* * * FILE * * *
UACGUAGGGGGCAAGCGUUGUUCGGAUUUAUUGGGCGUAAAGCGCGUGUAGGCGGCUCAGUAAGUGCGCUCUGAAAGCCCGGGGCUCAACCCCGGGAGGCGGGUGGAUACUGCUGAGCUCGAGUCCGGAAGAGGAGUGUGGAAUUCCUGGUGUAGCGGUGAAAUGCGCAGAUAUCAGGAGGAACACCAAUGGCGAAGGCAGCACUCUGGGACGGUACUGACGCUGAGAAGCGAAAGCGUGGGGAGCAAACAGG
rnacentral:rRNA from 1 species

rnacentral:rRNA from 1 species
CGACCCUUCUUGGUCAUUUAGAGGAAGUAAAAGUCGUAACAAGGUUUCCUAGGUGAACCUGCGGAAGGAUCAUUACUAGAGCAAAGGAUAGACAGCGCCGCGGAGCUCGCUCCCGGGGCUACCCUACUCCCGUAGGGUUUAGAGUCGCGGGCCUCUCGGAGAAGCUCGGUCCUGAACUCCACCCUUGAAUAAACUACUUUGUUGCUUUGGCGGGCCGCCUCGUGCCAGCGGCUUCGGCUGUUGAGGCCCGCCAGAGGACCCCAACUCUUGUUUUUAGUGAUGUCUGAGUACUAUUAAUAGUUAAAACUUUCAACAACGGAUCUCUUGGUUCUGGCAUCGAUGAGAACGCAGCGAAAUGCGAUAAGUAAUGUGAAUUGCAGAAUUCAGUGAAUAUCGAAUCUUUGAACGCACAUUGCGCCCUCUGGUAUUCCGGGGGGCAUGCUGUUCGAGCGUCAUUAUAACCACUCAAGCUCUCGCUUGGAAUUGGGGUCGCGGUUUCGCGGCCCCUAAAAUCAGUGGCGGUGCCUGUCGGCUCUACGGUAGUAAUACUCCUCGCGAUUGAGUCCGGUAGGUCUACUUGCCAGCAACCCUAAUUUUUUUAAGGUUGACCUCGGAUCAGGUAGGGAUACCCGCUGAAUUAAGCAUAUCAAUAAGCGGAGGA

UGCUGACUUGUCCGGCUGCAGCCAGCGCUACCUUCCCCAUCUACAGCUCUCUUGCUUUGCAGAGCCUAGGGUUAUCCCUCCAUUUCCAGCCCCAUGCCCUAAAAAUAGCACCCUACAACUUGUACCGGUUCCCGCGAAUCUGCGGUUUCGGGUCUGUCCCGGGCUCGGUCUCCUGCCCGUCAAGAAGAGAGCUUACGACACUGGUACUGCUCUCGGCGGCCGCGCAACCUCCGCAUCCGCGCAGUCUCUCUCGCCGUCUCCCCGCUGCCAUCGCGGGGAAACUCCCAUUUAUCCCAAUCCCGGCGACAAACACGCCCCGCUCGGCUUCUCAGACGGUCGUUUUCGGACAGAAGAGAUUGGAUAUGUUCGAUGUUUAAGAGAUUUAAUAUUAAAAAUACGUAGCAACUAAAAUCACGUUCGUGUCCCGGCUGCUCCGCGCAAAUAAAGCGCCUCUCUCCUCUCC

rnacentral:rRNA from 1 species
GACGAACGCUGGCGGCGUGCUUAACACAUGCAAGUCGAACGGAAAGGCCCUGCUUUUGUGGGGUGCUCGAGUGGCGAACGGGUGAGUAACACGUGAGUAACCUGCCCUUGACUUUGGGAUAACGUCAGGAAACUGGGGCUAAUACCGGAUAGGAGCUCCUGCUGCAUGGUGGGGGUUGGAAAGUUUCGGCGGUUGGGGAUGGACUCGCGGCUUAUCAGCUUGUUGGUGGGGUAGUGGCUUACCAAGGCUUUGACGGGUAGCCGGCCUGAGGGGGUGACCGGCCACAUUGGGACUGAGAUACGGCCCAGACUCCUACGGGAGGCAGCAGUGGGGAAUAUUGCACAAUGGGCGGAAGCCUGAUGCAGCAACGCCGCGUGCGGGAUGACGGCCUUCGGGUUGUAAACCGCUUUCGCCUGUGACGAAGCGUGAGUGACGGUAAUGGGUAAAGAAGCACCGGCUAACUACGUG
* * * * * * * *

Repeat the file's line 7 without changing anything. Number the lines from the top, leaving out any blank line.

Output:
GACGAACGCUGGCGGCGUGCUUAACACAUGCAAGUCGAACGGAAAGGCCCUGCUUUUGUGGGGUGCUCGAGUGGCGAACGGGUGAGUAACACGUGAGUAACCUGCCCUUGACUUUGGGAUAACGUCAGGAAACUGGGGCUAAUACCGGAUAGGAGCUCCUGCUGCAUGGUGGGGGUUGGAAAGUUUCGGCGGUUGGGGAUGGACUCGCGGCUUAUCAGCUUGUUGGUGGGGUAGUGGCUUACCAAGGCUUUGACGGGUAGCCGGCCUGAGGGGGUGACCGGCCACAUUGGGACUGAGAUACGGCCCAGACUCCUACGGGAGGCAGCAGUGGGGAAUAUUGCACAAUGGGCGGAAGCCUGAUGCAGCAACGCCGCGUGCGGGAUGACGGCCUUCGGGUUGUAAACCGCUUUCGCCUGUGACGAAGCGUGAGUGACGGUAAUGGGUAAAGAAGCACCGGCUAACUACGUG